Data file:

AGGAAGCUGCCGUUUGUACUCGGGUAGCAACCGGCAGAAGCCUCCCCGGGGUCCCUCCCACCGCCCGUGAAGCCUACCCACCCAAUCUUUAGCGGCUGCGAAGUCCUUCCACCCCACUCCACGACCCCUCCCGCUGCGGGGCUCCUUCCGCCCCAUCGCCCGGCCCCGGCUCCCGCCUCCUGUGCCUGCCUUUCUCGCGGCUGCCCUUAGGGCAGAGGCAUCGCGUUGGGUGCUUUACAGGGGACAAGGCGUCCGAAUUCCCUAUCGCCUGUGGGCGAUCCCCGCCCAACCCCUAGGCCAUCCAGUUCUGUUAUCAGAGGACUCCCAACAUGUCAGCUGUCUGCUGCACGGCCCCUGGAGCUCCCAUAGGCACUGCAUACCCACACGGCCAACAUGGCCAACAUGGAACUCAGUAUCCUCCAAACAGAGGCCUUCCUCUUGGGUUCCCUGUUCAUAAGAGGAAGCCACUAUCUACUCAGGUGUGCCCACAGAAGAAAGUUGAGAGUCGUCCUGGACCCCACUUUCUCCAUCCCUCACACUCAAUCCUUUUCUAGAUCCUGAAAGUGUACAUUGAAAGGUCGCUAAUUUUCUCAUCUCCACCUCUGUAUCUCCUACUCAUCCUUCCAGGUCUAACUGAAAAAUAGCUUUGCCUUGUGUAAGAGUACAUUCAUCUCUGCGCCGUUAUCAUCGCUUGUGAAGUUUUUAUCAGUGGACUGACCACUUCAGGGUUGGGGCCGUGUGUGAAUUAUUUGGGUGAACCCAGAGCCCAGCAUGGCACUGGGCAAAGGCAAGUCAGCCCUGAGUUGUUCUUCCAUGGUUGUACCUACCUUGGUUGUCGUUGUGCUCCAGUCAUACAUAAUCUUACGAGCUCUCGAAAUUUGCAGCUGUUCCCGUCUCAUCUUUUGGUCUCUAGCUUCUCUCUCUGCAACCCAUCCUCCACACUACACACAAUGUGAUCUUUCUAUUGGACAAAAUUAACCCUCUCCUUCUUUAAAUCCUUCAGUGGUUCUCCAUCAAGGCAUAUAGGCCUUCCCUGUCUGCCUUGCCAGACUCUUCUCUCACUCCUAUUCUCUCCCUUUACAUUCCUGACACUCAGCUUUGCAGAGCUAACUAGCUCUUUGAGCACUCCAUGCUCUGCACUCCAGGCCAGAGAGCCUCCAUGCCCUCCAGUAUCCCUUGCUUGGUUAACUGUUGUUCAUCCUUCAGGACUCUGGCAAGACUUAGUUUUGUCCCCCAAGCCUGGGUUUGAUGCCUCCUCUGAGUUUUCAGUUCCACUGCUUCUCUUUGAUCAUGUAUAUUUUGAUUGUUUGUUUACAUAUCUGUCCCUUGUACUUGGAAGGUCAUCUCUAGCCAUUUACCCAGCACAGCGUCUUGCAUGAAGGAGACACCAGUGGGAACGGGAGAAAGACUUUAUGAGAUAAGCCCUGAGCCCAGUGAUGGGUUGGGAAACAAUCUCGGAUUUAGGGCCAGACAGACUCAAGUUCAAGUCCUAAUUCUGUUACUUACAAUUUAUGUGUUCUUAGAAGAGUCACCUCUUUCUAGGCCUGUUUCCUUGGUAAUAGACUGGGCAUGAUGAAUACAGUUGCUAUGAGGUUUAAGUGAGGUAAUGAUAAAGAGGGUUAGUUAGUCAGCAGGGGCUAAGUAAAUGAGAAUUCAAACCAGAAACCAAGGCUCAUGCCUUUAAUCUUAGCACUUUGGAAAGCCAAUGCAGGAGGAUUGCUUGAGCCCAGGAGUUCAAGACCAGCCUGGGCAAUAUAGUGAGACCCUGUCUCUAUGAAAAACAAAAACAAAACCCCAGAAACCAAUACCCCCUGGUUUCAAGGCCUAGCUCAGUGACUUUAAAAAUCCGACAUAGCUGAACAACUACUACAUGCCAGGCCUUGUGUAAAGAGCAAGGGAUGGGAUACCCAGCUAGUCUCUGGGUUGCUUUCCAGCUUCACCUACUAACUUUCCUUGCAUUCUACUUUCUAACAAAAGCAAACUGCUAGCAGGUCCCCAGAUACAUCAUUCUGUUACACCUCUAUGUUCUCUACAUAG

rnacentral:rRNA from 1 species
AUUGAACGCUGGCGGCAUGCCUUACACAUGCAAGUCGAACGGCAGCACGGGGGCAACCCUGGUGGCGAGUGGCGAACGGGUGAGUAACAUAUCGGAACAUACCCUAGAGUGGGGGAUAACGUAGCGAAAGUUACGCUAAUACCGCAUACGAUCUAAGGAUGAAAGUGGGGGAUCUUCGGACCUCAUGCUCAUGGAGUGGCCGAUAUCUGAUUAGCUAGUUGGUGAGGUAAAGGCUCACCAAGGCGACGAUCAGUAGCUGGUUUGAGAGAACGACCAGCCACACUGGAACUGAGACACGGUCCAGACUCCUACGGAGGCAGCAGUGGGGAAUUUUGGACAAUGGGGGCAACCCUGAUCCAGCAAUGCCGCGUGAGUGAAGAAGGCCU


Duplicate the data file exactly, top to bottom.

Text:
AGGAAGCUGCCGUUUGUACUCGGGUAGCAACCGGCAGAAGCCUCCCCGGGGUCCCUCCCACCGCCCGUGAAGCCUACCCACCCAAUCUUUAGCGGCUGCGAAGUCCUUCCACCCCACUCCACGACCCCUCCCGCUGCGGGGCUCCUUCCGCCCCAUCGCCCGGCCCCGGCUCCCGCCUCCUGUGCCUGCCUUUCUCGCGGCUGCCCUUAGGGCAGAGGCAUCGCGUUGGGUGCUUUACAGGGGACAAGGCGUCCGAAUUCCCUAUCGCCUGUGGGCGAUCCCCGCCCAACCCCUAGGCCAUCCAGUUCUGUUAUCAGAGGACUCCCAACAUGUCAGCUGUCUGCUGCACGGCCCCUGGAGCUCCCAUAGGCACUGCAUACCCACACGGCCAACAUGGCCAACAUGGAACUCAGUAUCCUCCAAACAGAGGCCUUCCUCUUGGGUUCCCUGUUCAUAAGAGGAAGCCACUAUCUACUCAGGUGUGCCCACAGAAGAAAGUUGAGAGUCGUCCUGGACCCCACUUUCUCCAUCCCUCACACUCAAUCCUUUUCUAGAUCCUGAAAGUGUACAUUGAAAGGUCGCUAAUUUUCUCAUCUCCACCUCUGUAUCUCCUACUCAUCCUUCCAGGUCUAACUGAAAAAUAGCUUUGCCUUGUGUAAGAGUACAUUCAUCUCUGCGCCGUUAUCAUCGCUUGUGAAGUUUUUAUCAGUGGACUGACCACUUCAGGGUUGGGGCCGUGUGUGAAUUAUUUGGGUGAACCCAGAGCCCAGCAUGGCACUGGGCAAAGGCAAGUCAGCCCUGAGUUGUUCUUCCAUGGUUGUACCUACCUUGGUUGUCGUUGUGCUCCAGUCAUACAUAAUCUUACGAGCUCUCGAAAUUUGCAGCUGUUCCCGUCUCAUCUUUUGGUCUCUAGCUUCUCUCUCUGCAACCCAUCCUCCACACUACACACAAUGUGAUCUUUCUAUUGGACAAAAUUAACCCUCUCCUUCUUUAAAUCCUUCAGUGGUUCUCCAUCAAGGCAUAUAGGCCUUCCCUGUCUGCCUUGCCAGACUCUUCUCUCACUCCUAUUCUCUCCCUUUACAUUCCUGACACUCAGCUUUGCAGAGCUAACUAGCUCUUUGAGCACUCCAUGCUCUGCACUCCAGGCCAGAGAGCCUCCAUGCCCUCCAGUAUCCCUUGCUUGGUUAACUGUUGUUCAUCCUUCAGGACUCUGGCAAGACUUAGUUUUGUCCCCCAAGCCUGGGUUUGAUGCCUCCUCUGAGUUUUCAGUUCCACUGCUUCUCUUUGAUCAUGUAUAUUUUGAUUGUUUGUUUACAUAUCUGUCCCUUGUACUUGGAAGGUCAUCUCUAGCCAUUUACCCAGCACAGCGUCUUGCAUGAAGGAGACACCAGUGGGAACGGGAGAAAGACUUUAUGAGAUAAGCCCUGAGCCCAGUGAUGGGUUGGGAAACAAUCUCGGAUUUAGGGCCAGACAGACUCAAGUUCAAGUCCUAAUUCUGUUACUUACAAUUUAUGUGUUCUUAGAAGAGUCACCUCUUUCUAGGCCUGUUUCCUUGGUAAUAGACUGGGCAUGAUGAAUACAGUUGCUAUGAGGUUUAAGUGAGGUAAUGAUAAAGAGGGUUAGUUAGUCAGCAGGGGCUAAGUAAAUGAGAAUUCAAACCAGAAACCAAGGCUCAUGCCUUUAAUCUUAGCACUUUGGAAAGCCAAUGCAGGAGGAUUGCUUGAGCCCAGGAGUUCAAGACCAGCCUGGGCAAUAUAGUGAGACCCUGUCUCUAUGAAAAACAAAAACAAAACCCCAGAAACCAAUACCCCCUGGUUUCAAGGCCUAGCUCAGUGACUUUAAAAAUCCGACAUAGCUGAACAACUACUACAUGCCAGGCCUUGUGUAAAGAGCAAGGGAUGGGAUACCCAGCUAGUCUCUGGGUUGCUUUCCAGCUUCACCUACUAACUUUCCUUGCAUUCUACUUUCUAACAAAAGCAAACUGCUAGCAGGUCCCCAGAUACAUCAUUCUGUUACACCUCUAUGUUCUCUACAUAG

rnacentral:rRNA from 1 species
AUUGAACGCUGGCGGCAUGCCUUACACAUGCAAGUCGAACGGCAGCACGGGGGCAACCCUGGUGGCGAGUGGCGAACGGGUGAGUAACAUAUCGGAACAUACCCUAGAGUGGGGGAUAACGUAGCGAAAGUUACGCUAAUACCGCAUACGAUCUAAGGAUGAAAGUGGGGGAUCUUCGGACCUCAUGCUCAUGGAGUGGCCGAUAUCUGAUUAGCUAGUUGGUGAGGUAAAGGCUCACCAAGGCGACGAUCAGUAGCUGGUUUGAGAGAACGACCAGCCACACUGGAACUGAGACACGGUCCAGACUCCUACGGAGGCAGCAGUGGGGAAUUUUGGACAAUGGGGGCAACCCUGAUCCAGCAAUGCCGCGUGAGUGAAGAAGGCCU